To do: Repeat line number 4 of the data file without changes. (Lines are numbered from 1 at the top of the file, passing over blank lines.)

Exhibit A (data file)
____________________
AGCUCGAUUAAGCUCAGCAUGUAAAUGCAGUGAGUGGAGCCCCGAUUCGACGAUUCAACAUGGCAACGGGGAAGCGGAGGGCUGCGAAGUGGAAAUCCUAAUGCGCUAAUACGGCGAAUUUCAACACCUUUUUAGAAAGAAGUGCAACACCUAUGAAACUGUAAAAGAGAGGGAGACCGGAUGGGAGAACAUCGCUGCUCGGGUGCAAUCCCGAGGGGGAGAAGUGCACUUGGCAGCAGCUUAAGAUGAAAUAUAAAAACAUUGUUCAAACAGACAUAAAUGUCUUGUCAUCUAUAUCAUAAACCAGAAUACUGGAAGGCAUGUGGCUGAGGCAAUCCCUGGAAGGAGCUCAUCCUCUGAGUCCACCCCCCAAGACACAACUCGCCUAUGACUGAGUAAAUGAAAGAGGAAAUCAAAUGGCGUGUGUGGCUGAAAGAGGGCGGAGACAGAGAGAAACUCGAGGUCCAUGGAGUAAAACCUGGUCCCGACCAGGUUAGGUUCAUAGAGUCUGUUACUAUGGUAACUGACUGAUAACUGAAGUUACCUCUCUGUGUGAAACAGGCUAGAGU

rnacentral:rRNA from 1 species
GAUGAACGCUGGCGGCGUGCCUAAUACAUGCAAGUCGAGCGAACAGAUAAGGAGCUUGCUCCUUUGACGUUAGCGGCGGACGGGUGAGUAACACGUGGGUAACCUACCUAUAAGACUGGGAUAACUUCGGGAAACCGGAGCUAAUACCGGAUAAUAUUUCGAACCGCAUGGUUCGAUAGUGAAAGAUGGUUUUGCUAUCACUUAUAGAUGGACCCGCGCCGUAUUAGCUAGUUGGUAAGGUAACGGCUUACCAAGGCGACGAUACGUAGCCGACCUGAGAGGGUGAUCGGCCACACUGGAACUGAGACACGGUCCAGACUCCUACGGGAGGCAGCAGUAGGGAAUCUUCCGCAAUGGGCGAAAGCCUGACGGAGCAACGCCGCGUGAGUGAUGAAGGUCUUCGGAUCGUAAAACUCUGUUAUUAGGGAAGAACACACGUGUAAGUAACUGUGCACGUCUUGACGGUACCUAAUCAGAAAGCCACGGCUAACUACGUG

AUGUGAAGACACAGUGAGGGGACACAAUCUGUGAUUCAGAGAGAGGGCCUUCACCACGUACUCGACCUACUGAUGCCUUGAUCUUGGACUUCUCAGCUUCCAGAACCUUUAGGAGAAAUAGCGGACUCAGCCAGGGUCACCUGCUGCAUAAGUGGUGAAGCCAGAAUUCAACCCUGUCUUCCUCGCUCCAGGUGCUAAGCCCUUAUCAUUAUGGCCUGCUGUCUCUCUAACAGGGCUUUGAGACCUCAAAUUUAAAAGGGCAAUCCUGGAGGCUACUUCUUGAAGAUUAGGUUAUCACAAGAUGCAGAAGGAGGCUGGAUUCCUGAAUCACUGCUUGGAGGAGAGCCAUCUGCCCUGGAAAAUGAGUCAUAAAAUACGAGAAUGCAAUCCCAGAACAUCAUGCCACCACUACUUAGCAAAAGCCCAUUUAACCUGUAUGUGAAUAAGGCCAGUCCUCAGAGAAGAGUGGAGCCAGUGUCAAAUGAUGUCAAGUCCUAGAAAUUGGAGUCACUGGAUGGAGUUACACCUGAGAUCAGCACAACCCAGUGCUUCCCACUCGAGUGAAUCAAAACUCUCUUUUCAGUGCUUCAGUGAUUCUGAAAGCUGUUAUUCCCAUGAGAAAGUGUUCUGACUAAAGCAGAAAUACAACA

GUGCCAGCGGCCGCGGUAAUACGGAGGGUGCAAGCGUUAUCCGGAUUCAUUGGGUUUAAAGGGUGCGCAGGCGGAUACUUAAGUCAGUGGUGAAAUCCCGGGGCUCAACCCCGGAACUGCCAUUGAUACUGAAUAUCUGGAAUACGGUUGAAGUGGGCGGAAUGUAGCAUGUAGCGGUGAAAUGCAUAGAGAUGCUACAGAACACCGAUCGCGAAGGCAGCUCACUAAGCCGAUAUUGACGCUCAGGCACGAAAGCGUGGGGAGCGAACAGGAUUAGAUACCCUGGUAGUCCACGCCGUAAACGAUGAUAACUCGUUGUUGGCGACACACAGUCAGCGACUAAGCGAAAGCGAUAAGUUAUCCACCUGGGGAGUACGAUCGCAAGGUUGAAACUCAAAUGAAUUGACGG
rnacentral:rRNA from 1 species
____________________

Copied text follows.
AUGUGAAGACACAGUGAGGGGACACAAUCUGUGAUUCAGAGAGAGGGCCUUCACCACGUACUCGACCUACUGAUGCCUUGAUCUUGGACUUCUCAGCUUCCAGAACCUUUAGGAGAAAUAGCGGACUCAGCCAGGGUCACCUGCUGCAUAAGUGGUGAAGCCAGAAUUCAACCCUGUCUUCCUCGCUCCAGGUGCUAAGCCCUUAUCAUUAUGGCCUGCUGUCUCUCUAACAGGGCUUUGAGACCUCAAAUUUAAAAGGGCAAUCCUGGAGGCUACUUCUUGAAGAUUAGGUUAUCACAAGAUGCAGAAGGAGGCUGGAUUCCUGAAUCACUGCUUGGAGGAGAGCCAUCUGCCCUGGAAAAUGAGUCAUAAAAUACGAGAAUGCAAUCCCAGAACAUCAUGCCACCACUACUUAGCAAAAGCCCAUUUAACCUGUAUGUGAAUAAGGCCAGUCCUCAGAGAAGAGUGGAGCCAGUGUCAAAUGAUGUCAAGUCCUAGAAAUUGGAGUCACUGGAUGGAGUUACACCUGAGAUCAGCACAACCCAGUGCUUCCCACUCGAGUGAAUCAAAACUCUCUUUUCAGUGCUUCAGUGAUUCUGAAAGCUGUUAUUCCCAUGAGAAAGUGUUCUGACUAAAGCAGAAAUACAACA